Methadone maintenance treatment is the most widely prescribed treatment for opiate dependence with proven benefits for patients. In France, 45,442 patients are treated by methadone syrup in 2012 with a mean dose of 60 mg/day (60% of methadone prescriptions) . This mean dose represents between one and three bottles used every day by each patient. The frequency of opiate substitution therapy in adults has tripled in the past decade. Nowadays, more than 50,000 bottles are used every day in France, most of which are thrown away in the bin. Nevertheless, some residents of areas where drug dealing is high as well as social workers have raised concern about empty bottles of methadone left behind in the streets, in the same way with that of syringes and pill boxes. Moreover, relatives at home, especially children, can have access to these empty bottles, either left behind or found in the bin.
In naïve users or in case of misuse, methadone can be a source of potentially lethal intoxications, resulting in fatal overdoses . A few cases of infantile intoxications have been described in the literature, some of which resulted in death [3–9]. In all those cases, methadone was not prescribed for infants; the children got intoxicated by taking methadone that had been carelessly stored by their parents or by parental administration of the drug . The following reasons may account for the delay in seeking help: methadone users may not realise the danger of the drug to children and may not know that there is an antidote. Secondly, parents may fear professional accusations of poor parenting. Therefore, the issue concerning the potential harmful effect of ‘empty or half empty’ bottles of methadone after use remains.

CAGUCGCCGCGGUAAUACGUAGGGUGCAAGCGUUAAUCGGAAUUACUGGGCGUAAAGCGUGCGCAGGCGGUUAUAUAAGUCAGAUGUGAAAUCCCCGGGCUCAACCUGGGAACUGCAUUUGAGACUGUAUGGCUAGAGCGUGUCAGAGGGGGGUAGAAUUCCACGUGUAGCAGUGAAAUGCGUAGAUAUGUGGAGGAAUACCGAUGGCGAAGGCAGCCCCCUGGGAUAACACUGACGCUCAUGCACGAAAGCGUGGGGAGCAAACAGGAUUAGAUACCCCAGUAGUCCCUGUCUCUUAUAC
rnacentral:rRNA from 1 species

A report from the French Toxicovigilance Coordination Committee  carried out on the paediatric intoxications by methadone capsules and syrup between 2008 and 2012 in France reported 33 intoxications by methadone syrup, one of which was lethal, and 20 intoxications by methadone capsules (a total of 53 intoxications). The average age of the intoxicated children was 2 years old, and the average dose presumably swallowed was 15 mg with syrup forms. In most cases, the treatment was on a table, within the child's reach (bottles already opened or opened by the child). It should be noted that there was a case of intoxication in a public park, and four cases occurred in adolescents who did take methadone on purpose, to get ‘high’. It is not precisely mentioned if those subjects were naïve or tolerant. In terms of toxicity data, the toxic and potentially lethal methadone dose is 1 mg/kg for a naïve subject or for someone without acquired tolerance. In human subjects, the lowest published toxic dose (TDLo) ranges from 0.76 to 2 mg/kg, and the lowest published lethal dose (LDLo) is 1.3 mg/kg . We therefore consider that a dosage of 40 mg for an adult and of 10 mg for a child whose weight is 10 kg can be potentially lethal .
Is the residual quantity of methadone in the empty bottles insignificant or is there a risk of intoxication for someone who does not tolerate opiates, such as a child? In order to answer this question, we collected from bins a sample of bottles recapped after use by the patients taking their maintenance treatment in our addiction treatment program centre (CSAPA Espace Murger) located in the Fernand-Widal Hospital, Paris. The analysis of the methadone dosage left in these bottles was carried out in the toxicology laboratory of the Lariboisière Hospital in Paris.